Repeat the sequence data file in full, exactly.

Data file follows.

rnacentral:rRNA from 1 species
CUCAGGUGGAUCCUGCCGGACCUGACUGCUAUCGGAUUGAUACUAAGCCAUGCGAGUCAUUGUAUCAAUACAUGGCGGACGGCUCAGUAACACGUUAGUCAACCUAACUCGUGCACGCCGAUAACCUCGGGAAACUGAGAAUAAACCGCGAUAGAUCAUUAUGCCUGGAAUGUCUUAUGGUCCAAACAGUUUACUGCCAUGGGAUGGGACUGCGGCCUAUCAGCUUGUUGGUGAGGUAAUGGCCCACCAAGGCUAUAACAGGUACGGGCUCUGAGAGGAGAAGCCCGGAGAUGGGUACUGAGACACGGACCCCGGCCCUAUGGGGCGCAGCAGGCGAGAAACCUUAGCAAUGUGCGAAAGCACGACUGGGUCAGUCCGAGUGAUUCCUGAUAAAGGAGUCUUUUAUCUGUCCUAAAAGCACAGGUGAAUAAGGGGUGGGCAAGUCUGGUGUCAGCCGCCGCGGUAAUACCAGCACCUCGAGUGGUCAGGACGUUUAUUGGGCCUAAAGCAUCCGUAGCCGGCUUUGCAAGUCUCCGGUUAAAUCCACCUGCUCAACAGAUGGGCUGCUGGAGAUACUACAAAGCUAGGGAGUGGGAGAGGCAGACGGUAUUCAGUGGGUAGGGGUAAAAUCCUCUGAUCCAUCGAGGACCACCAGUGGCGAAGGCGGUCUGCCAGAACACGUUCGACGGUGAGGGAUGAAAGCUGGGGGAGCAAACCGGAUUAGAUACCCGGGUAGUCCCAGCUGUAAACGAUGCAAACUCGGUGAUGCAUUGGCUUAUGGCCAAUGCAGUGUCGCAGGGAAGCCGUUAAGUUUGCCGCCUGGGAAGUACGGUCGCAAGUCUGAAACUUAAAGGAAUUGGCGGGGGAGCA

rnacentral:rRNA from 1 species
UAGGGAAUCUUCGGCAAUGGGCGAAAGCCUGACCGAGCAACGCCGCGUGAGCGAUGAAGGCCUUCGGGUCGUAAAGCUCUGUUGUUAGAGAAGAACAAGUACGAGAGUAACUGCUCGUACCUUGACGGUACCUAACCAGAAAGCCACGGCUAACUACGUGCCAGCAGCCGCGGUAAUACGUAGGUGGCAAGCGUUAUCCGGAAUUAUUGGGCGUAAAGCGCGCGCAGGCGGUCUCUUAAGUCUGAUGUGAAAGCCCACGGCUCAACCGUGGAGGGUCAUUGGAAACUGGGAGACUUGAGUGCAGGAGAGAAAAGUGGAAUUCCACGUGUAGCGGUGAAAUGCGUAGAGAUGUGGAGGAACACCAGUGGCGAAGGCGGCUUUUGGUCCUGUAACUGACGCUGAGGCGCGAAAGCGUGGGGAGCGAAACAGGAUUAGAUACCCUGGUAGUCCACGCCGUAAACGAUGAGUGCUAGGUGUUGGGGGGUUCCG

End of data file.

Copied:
rnacentral:rRNA from 1 species
CUCAGGUGGAUCCUGCCGGACCUGACUGCUAUCGGAUUGAUACUAAGCCAUGCGAGUCAUUGUAUCAAUACAUGGCGGACGGCUCAGUAACACGUUAGUCAACCUAACUCGUGCACGCCGAUAACCUCGGGAAACUGAGAAUAAACCGCGAUAGAUCAUUAUGCCUGGAAUGUCUUAUGGUCCAAACAGUUUACUGCCAUGGGAUGGGACUGCGGCCUAUCAGCUUGUUGGUGAGGUAAUGGCCCACCAAGGCUAUAACAGGUACGGGCUCUGAGAGGAGAAGCCCGGAGAUGGGUACUGAGACACGGACCCCGGCCCUAUGGGGCGCAGCAGGCGAGAAACCUUAGCAAUGUGCGAAAGCACGACUGGGUCAGUCCGAGUGAUUCCUGAUAAAGGAGUCUUUUAUCUGUCCUAAAAGCACAGGUGAAUAAGGGGUGGGCAAGUCUGGUGUCAGCCGCCGCGGUAAUACCAGCACCUCGAGUGGUCAGGACGUUUAUUGGGCCUAAAGCAUCCGUAGCCGGCUUUGCAAGUCUCCGGUUAAAUCCACCUGCUCAACAGAUGGGCUGCUGGAGAUACUACAAAGCUAGGGAGUGGGAGAGGCAGACGGUAUUCAGUGGGUAGGGGUAAAAUCCUCUGAUCCAUCGAGGACCACCAGUGGCGAAGGCGGUCUGCCAGAACACGUUCGACGGUGAGGGAUGAAAGCUGGGGGAGCAAACCGGAUUAGAUACCCGGGUAGUCCCAGCUGUAAACGAUGCAAACUCGGUGAUGCAUUGGCUUAUGGCCAAUGCAGUGUCGCAGGGAAGCCGUUAAGUUUGCCGCCUGGGAAGUACGGUCGCAAGUCUGAAACUUAAAGGAAUUGGCGGGGGAGCA

rnacentral:rRNA from 1 species
UAGGGAAUCUUCGGCAAUGGGCGAAAGCCUGACCGAGCAACGCCGCGUGAGCGAUGAAGGCCUUCGGGUCGUAAAGCUCUGUUGUUAGAGAAGAACAAGUACGAGAGUAACUGCUCGUACCUUGACGGUACCUAACCAGAAAGCCACGGCUAACUACGUGCCAGCAGCCGCGGUAAUACGUAGGUGGCAAGCGUUAUCCGGAAUUAUUGGGCGUAAAGCGCGCGCAGGCGGUCUCUUAAGUCUGAUGUGAAAGCCCACGGCUCAACCGUGGAGGGUCAUUGGAAACUGGGAGACUUGAGUGCAGGAGAGAAAAGUGGAAUUCCACGUGUAGCGGUGAAAUGCGUAGAGAUGUGGAGGAACACCAGUGGCGAAGGCGGCUUUUGGUCCUGUAACUGACGCUGAGGCGCGAAAGCGUGGGGAGCGAAACAGGAUUAGAUACCCUGGUAGUCCACGCCGUAAACGAUGAGUGCUAGGUGUUGGGGGGUUCCG